Printz v. United States
Necessary and Proper clause, article 1
The Brady Handgun Violence Prevention Act obligated local officers to perform background checks on people that wanted to buy a gun, until the Attorney General has a federal system for it. Sheriffs Jay Printz and Mack, confronted the constitutionality of this provision of the Brady Bill on behalf of CLEOs in Montana and Arizona. District Courts, in both cases, found the background checks to
showed first 75 words of 986 total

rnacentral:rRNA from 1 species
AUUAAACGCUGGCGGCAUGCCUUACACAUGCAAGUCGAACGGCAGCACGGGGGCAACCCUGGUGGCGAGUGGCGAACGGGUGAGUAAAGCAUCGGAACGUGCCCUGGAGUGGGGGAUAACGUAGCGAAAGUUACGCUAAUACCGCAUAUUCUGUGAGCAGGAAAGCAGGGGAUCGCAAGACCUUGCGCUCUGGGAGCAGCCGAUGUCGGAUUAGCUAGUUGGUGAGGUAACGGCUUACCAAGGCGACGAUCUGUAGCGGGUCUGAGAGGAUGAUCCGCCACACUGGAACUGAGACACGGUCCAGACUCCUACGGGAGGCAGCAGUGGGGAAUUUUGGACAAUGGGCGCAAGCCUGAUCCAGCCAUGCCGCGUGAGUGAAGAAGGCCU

showed last 75 words of 986 total
Firearms Arm of 1934 (NFA '34). They argued that the NFA'34 violated the 2nd Amendment. The District Court ruled that NFA'34 was unconstitutional and the Supreme Court then reviewed the case. The Court had to decide whether the NFA'34 was unconstitutional. The Supreme court ruled that a short barreled gun was not a "militia" firearm. The Court declared that ownership of a firearm could be restricted if, it had no connection to military or milita activity.